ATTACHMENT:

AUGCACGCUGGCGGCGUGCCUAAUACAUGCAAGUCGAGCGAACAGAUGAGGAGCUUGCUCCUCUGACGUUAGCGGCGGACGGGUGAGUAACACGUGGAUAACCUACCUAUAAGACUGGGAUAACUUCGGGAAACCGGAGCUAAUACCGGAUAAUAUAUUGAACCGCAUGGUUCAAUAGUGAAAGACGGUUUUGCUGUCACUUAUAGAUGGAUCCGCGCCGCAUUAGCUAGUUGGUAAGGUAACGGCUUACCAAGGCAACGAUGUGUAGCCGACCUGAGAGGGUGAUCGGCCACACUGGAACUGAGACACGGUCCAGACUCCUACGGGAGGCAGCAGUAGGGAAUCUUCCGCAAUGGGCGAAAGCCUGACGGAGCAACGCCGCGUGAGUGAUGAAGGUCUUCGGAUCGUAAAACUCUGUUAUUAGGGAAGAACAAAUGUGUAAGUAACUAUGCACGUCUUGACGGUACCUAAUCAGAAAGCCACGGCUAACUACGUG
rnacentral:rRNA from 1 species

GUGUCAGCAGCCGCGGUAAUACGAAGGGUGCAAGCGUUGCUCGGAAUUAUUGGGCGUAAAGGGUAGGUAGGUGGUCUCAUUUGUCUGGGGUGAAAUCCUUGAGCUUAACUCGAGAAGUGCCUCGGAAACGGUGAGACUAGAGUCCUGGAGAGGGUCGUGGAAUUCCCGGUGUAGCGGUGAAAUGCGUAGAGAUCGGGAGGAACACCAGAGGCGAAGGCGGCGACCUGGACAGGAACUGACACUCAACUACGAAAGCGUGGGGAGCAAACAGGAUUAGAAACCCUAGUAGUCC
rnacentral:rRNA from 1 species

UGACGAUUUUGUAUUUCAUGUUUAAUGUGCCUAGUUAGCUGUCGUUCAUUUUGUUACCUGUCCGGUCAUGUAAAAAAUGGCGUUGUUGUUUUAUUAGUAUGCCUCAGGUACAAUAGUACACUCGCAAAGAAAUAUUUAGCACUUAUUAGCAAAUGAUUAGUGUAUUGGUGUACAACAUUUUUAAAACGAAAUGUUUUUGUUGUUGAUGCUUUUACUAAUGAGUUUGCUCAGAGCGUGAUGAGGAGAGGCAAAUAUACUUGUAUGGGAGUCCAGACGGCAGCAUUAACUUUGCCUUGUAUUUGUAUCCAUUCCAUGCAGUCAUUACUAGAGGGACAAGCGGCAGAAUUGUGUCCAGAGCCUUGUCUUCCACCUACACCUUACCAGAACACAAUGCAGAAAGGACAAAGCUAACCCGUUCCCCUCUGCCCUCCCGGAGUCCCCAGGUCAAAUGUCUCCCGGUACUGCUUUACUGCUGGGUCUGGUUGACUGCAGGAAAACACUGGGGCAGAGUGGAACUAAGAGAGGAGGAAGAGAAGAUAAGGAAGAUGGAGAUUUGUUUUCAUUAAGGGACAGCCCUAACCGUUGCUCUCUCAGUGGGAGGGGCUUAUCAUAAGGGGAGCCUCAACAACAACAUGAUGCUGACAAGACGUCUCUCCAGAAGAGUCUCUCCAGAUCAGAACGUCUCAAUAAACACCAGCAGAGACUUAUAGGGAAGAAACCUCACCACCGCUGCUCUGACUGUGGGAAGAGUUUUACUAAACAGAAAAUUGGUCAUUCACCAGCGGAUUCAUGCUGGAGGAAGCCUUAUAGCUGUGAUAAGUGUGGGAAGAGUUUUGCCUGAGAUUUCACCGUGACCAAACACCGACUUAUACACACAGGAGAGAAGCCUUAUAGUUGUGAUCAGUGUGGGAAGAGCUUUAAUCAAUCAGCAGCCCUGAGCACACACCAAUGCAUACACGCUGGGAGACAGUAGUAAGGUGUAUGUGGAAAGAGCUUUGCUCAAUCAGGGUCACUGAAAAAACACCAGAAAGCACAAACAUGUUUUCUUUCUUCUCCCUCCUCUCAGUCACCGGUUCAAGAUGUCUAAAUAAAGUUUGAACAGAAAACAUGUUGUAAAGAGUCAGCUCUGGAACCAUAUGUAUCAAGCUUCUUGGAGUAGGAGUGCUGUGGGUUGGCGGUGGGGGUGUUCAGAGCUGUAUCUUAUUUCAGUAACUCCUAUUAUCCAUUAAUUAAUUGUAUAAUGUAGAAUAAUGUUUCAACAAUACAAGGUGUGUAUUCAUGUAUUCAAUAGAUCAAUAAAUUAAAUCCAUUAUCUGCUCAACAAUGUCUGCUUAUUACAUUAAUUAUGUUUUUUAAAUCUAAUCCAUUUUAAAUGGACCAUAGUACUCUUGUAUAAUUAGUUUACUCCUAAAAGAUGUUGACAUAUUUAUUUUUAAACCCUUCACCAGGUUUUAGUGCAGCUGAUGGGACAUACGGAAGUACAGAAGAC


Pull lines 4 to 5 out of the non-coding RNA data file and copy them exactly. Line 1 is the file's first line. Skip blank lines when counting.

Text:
rnacentral:rRNA from 1 species

UGACGAUUUUGUAUUUCAUGUUUAAUGUGCCUAGUUAGCUGUCGUUCAUUUUGUUACCUGUCCGGUCAUGUAAAAAAUGGCGUUGUUGUUUUAUUAGUAUGCCUCAGGUACAAUAGUACACUCGCAAAGAAAUAUUUAGCACUUAUUAGCAAAUGAUUAGUGUAUUGGUGUACAACAUUUUUAAAACGAAAUGUUUUUGUUGUUGAUGCUUUUACUAAUGAGUUUGCUCAGAGCGUGAUGAGGAGAGGCAAAUAUACUUGUAUGGGAGUCCAGACGGCAGCAUUAACUUUGCCUUGUAUUUGUAUCCAUUCCAUGCAGUCAUUACUAGAGGGACAAGCGGCAGAAUUGUGUCCAGAGCCUUGUCUUCCACCUACACCUUACCAGAACACAAUGCAGAAAGGACAAAGCUAACCCGUUCCCCUCUGCCCUCCCGGAGUCCCCAGGUCAAAUGUCUCCCGGUACUGCUUUACUGCUGGGUCUGGUUGACUGCAGGAAAACACUGGGGCAGAGUGGAACUAAGAGAGGAGGAAGAGAAGAUAAGGAAGAUGGAGAUUUGUUUUCAUUAAGGGACAGCCCUAACCGUUGCUCUCUCAGUGGGAGGGGCUUAUCAUAAGGGGAGCCUCAACAACAACAUGAUGCUGACAAGACGUCUCUCCAGAAGAGUCUCUCCAGAUCAGAACGUCUCAAUAAACACCAGCAGAGACUUAUAGGGAAGAAACCUCACCACCGCUGCUCUGACUGUGGGAAGAGUUUUACUAAACAGAAAAUUGGUCAUUCACCAGCGGAUUCAUGCUGGAGGAAGCCUUAUAGCUGUGAUAAGUGUGGGAAGAGUUUUGCCUGAGAUUUCACCGUGACCAAACACCGACUUAUACACACAGGAGAGAAGCCUUAUAGUUGUGAUCAGUGUGGGAAGAGCUUUAAUCAAUCAGCAGCCCUGAGCACACACCAAUGCAUACACGCUGGGAGACAGUAGUAAGGUGUAUGUGGAAAGAGCUUUGCUCAAUCAGGGUCACUGAAAAAACACCAGAAAGCACAAACAUGUUUUCUUUCUUCUCCCUCCUCUCAGUCACCGGUUCAAGAUGUCUAAAUAAAGUUUGAACAGAAAACAUGUUGUAAAGAGUCAGCUCUGGAACCAUAUGUAUCAAGCUUCUUGGAGUAGGAGUGCUGUGGGUUGGCGGUGGGGGUGUUCAGAGCUGUAUCUUAUUUCAGUAACUCCUAUUAUCCAUUAAUUAAUUGUAUAAUGUAGAAUAAUGUUUCAACAAUACAAGGUGUGUAUUCAUGUAUUCAAUAGAUCAAUAAAUUAAAUCCAUUAUCUGCUCAACAAUGUCUGCUUAUUACAUUAAUUAUGUUUUUUAAAUCUAAUCCAUUUUAAAUGGACCAUAGUACUCUUGUAUAAUUAGUUUACUCCUAAAAGAUGUUGACAUAUUUAUUUUUAAACCCUUCACCAGGUUUUAGUGCAGCUGAUGGGACAUACGGAAGUACAGAAGAC